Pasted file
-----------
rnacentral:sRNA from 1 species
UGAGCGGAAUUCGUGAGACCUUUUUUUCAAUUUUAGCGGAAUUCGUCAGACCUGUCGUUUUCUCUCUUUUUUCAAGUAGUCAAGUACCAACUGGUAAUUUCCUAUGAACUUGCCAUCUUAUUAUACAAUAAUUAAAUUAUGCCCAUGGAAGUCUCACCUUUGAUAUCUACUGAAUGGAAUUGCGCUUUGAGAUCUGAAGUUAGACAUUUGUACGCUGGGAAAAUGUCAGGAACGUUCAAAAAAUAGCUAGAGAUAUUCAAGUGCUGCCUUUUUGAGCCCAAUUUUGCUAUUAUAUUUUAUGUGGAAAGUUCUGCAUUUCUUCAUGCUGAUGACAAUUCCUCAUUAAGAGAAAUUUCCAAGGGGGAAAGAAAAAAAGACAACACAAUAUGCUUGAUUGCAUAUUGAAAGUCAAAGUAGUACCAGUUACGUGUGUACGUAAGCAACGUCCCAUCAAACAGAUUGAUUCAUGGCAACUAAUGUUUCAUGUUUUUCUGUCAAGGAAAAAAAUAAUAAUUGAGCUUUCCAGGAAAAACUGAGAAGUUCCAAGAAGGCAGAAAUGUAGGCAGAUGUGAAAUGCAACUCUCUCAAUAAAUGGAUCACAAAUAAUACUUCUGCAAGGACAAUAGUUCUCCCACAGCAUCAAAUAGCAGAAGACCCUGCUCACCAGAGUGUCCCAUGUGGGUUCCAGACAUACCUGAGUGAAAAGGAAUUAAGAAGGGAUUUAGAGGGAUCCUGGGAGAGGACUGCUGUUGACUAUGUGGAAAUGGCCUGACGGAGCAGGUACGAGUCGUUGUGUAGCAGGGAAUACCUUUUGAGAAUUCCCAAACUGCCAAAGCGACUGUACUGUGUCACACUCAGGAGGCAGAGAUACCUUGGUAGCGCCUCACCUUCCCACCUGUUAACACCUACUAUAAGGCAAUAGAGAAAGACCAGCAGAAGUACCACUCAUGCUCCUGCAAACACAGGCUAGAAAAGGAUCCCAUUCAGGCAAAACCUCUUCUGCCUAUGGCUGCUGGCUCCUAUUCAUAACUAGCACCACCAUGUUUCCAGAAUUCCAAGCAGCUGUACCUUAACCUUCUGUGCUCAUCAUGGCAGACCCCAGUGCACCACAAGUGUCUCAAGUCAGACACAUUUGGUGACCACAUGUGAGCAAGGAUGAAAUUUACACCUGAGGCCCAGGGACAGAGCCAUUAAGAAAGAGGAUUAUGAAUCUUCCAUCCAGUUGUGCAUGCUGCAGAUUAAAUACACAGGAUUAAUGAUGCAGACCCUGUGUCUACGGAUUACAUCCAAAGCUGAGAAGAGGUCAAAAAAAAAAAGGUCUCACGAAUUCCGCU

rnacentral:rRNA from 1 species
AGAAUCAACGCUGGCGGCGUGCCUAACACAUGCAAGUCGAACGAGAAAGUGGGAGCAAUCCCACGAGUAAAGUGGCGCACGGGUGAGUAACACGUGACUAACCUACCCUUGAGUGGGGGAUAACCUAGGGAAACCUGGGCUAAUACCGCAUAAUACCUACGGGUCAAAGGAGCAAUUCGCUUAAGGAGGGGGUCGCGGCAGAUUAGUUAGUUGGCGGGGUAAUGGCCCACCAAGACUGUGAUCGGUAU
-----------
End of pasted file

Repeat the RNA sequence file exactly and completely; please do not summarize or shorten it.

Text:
rnacentral:sRNA from 1 species
UGAGCGGAAUUCGUGAGACCUUUUUUUCAAUUUUAGCGGAAUUCGUCAGACCUGUCGUUUUCUCUCUUUUUUCAAGUAGUCAAGUACCAACUGGUAAUUUCCUAUGAACUUGCCAUCUUAUUAUACAAUAAUUAAAUUAUGCCCAUGGAAGUCUCACCUUUGAUAUCUACUGAAUGGAAUUGCGCUUUGAGAUCUGAAGUUAGACAUUUGUACGCUGGGAAAAUGUCAGGAACGUUCAAAAAAUAGCUAGAGAUAUUCAAGUGCUGCCUUUUUGAGCCCAAUUUUGCUAUUAUAUUUUAUGUGGAAAGUUCUGCAUUUCUUCAUGCUGAUGACAAUUCCUCAUUAAGAGAAAUUUCCAAGGGGGAAAGAAAAAAAGACAACACAAUAUGCUUGAUUGCAUAUUGAAAGUCAAAGUAGUACCAGUUACGUGUGUACGUAAGCAACGUCCCAUCAAACAGAUUGAUUCAUGGCAACUAAUGUUUCAUGUUUUUCUGUCAAGGAAAAAAAUAAUAAUUGAGCUUUCCAGGAAAAACUGAGAAGUUCCAAGAAGGCAGAAAUGUAGGCAGAUGUGAAAUGCAACUCUCUCAAUAAAUGGAUCACAAAUAAUACUUCUGCAAGGACAAUAGUUCUCCCACAGCAUCAAAUAGCAGAAGACCCUGCUCACCAGAGUGUCCCAUGUGGGUUCCAGACAUACCUGAGUGAAAAGGAAUUAAGAAGGGAUUUAGAGGGAUCCUGGGAGAGGACUGCUGUUGACUAUGUGGAAAUGGCCUGACGGAGCAGGUACGAGUCGUUGUGUAGCAGGGAAUACCUUUUGAGAAUUCCCAAACUGCCAAAGCGACUGUACUGUGUCACACUCAGGAGGCAGAGAUACCUUGGUAGCGCCUCACCUUCCCACCUGUUAACACCUACUAUAAGGCAAUAGAGAAAGACCAGCAGAAGUACCACUCAUGCUCCUGCAAACACAGGCUAGAAAAGGAUCCCAUUCAGGCAAAACCUCUUCUGCCUAUGGCUGCUGGCUCCUAUUCAUAACUAGCACCACCAUGUUUCCAGAAUUCCAAGCAGCUGUACCUUAACCUUCUGUGCUCAUCAUGGCAGACCCCAGUGCACCACAAGUGUCUCAAGUCAGACACAUUUGGUGACCACAUGUGAGCAAGGAUGAAAUUUACACCUGAGGCCCAGGGACAGAGCCAUUAAGAAAGAGGAUUAUGAAUCUUCCAUCCAGUUGUGCAUGCUGCAGAUUAAAUACACAGGAUUAAUGAUGCAGACCCUGUGUCUACGGAUUACAUCCAAAGCUGAGAAGAGGUCAAAAAAAAAAAGGUCUCACGAAUUCCGCU

rnacentral:rRNA from 1 species
AGAAUCAACGCUGGCGGCGUGCCUAACACAUGCAAGUCGAACGAGAAAGUGGGAGCAAUCCCACGAGUAAAGUGGCGCACGGGUGAGUAACACGUGACUAACCUACCCUUGAGUGGGGGAUAACCUAGGGAAACCUGGGCUAAUACCGCAUAAUACCUACGGGUCAAAGGAGCAAUUCGCUUAAGGAGGGGGUCGCGGCAGAUUAGUUAGUUGGCGGGGUAAUGGCCCACCAAGACUGUGAUCGGUAU